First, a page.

Thursday, July 13, 1978

Just 110 of 3,076 Arrested in Blackout Sentenced to More Than Year

Only 110 of the 3,076 people arrested on looting and other blackout-related charges during the citywide power failure that began last July 13 have been sentenced to jail terms of a year or more, according to a report issued yesterday by NY State court and criminal officials.

Fewer than half got any jail time at all. This contrasts with the usual felony burglary conviction pattern, in which jail terms are imposed in nearly three out of four cases.

Friday, June 23, 1978

Berkowitz Outbursts Disrupt Court; Sentencing Put Off, Tests Ordered

David R. Berkowitz, who was scheduled to be sentenced yesterday for the six “Son of Sam” murders, battled officers before entering the courtroom, then walked in chanting, “Stacy was a whore.”

The courtroom erupted in turmoil and, only minutes later, he was dragged out by half a dozen officers.

Neya M. heard him chanting and cried out, “You’re an animal!” and ran out of the courtroom. “That’s right. That’s right,” Berk shouted after her. “I’d kill her again. I’d kill them all again!”

Robert Violante jumped up shouting, “You should get killed, you creep!” (His vision is limited to four feet in the one eye that has vision). He collapsed in his seat sobbing.

Those who had observed the .44-caliber killer during earlier court appearances were shocked. He had always seemed pleasant, polite, even slightly repentant, they said. But when he was dragged into the courtroom yesterday, his face was flushed, his eyes distended wildly and his forehead smeared with dirt. His light blue suit – the same one he had worn in other court appearances – was rumpled and soiled.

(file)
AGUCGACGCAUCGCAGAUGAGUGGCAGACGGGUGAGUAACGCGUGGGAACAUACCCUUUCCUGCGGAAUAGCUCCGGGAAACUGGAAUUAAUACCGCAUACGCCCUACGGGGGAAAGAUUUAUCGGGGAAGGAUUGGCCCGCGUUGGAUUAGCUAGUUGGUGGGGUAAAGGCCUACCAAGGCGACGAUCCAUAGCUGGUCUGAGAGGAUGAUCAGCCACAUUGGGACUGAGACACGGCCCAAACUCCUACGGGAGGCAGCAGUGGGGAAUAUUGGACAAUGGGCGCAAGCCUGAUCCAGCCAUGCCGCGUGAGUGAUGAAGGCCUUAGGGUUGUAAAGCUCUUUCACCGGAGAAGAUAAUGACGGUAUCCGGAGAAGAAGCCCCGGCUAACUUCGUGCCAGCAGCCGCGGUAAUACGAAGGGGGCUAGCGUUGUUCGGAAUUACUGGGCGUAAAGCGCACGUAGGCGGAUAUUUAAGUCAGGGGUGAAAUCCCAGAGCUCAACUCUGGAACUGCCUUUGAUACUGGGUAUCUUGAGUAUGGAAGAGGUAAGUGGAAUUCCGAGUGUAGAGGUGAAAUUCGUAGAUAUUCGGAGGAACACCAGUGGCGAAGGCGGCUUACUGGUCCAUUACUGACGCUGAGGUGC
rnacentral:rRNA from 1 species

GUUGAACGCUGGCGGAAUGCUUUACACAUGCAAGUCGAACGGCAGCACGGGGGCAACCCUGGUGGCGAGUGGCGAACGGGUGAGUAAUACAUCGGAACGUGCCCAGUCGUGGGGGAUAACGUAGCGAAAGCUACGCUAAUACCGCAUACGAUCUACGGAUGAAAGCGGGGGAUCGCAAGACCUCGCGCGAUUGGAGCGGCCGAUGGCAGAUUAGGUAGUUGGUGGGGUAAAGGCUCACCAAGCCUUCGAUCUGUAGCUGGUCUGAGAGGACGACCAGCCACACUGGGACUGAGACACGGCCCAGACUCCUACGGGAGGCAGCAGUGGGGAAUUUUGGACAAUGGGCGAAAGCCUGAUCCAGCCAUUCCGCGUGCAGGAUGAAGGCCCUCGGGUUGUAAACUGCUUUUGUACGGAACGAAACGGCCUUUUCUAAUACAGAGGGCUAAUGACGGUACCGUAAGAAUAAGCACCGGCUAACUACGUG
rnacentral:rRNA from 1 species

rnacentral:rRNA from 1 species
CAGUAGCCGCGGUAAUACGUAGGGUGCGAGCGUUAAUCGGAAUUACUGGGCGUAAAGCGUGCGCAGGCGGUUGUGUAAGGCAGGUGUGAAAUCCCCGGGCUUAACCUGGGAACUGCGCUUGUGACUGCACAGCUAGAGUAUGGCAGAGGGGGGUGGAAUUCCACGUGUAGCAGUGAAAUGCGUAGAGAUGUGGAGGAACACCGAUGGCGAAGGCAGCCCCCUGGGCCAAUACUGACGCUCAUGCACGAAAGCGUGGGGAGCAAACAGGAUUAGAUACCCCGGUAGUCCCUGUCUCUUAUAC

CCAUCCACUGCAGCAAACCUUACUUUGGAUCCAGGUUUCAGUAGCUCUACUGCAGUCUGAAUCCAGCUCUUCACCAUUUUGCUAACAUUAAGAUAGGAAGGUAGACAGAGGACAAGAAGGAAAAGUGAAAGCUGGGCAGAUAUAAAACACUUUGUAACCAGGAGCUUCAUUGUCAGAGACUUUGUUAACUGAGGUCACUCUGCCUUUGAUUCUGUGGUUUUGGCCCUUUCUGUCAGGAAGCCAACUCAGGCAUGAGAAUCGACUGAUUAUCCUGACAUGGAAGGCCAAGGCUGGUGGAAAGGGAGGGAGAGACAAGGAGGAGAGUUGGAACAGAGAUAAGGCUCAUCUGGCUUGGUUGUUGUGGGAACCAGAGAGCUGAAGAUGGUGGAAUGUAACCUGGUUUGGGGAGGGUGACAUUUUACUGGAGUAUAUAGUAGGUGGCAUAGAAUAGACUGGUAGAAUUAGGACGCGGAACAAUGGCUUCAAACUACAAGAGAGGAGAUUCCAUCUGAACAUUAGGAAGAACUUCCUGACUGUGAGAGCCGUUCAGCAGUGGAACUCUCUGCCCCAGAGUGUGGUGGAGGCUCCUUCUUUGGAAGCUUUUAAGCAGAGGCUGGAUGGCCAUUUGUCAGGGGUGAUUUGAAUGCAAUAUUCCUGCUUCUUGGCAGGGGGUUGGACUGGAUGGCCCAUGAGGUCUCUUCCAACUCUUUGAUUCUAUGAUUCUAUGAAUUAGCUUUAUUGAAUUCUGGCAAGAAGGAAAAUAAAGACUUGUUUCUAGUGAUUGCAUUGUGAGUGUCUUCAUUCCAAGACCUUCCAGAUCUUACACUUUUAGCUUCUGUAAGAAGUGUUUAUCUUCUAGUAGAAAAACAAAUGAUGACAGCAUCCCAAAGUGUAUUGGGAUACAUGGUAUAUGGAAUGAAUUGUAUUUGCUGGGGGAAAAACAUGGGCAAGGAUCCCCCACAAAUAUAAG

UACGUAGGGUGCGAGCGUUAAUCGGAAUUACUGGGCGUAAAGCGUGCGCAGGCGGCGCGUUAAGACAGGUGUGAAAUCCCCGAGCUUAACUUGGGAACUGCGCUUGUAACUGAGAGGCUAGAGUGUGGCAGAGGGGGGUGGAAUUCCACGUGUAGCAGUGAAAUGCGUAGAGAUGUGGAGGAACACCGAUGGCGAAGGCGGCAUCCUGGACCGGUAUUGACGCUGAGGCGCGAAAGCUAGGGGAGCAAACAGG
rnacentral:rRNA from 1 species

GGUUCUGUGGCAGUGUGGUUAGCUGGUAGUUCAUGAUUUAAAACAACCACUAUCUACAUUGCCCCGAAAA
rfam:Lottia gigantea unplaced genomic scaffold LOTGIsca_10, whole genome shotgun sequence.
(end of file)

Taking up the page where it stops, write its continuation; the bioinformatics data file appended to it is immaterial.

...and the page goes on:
Later a young friend of the M. family, Daniel Carrique shouted out, “That’s no justice! What about the families? How much do you think they can take?”

Carrique was led from the courtroom by guards. Judge Joseph Corso was visibly angered. “I trust I am presiding in an American court to dispense justice. I will not be influenced by any public clamor.”

Excerpt from June 23, 1978 New York Times

Tuesday, June 06, 1978

1,058 Bombings in US In 1977 Sets A Record

There were a record 1,058 bombings in the US last year, and labor strife was behind more of them than any other cause, the Treasury Dept reported today.

In 1976 there were 870 explosive bombings.

Thirty-eight people were killed, some of them when their cars blew up.

NYT 6/6/78

Tuesday, February 14, 1978

Reports of Violent Crime Dropped by 9% in NYC Last Year

The total number of violent crimes reported in NYC declined last year, for the first time since 1973, according to statistics made available yesterday by the Police Dept.

The Dept said that a total of 121,916 violent crimes – murders, forcible rapes, robberies and assaults – were reported in 1977 a 9 percent drop from the 1976 number: 134,153.

The overall number of major crimes – including burglary, larceny and motor-vehicle theft dropped 7% to 610,062.

But even with the one year improvement the overall figure for 1977 was higher than it had been in all recent years but 1976 and even exceeded the total recorded in 1971 which was regarded as an exceptionally high crime year.
(591,9292 major crimes and 126,740 violent).

Criminals were finding it “easier and safer to rip off property than people.”

1977 crime figures were depressed by extreme cold weather early in the year….

The number of homicides was placed at 1,557, 65 fewer than in the year before.

NYT 2/14/78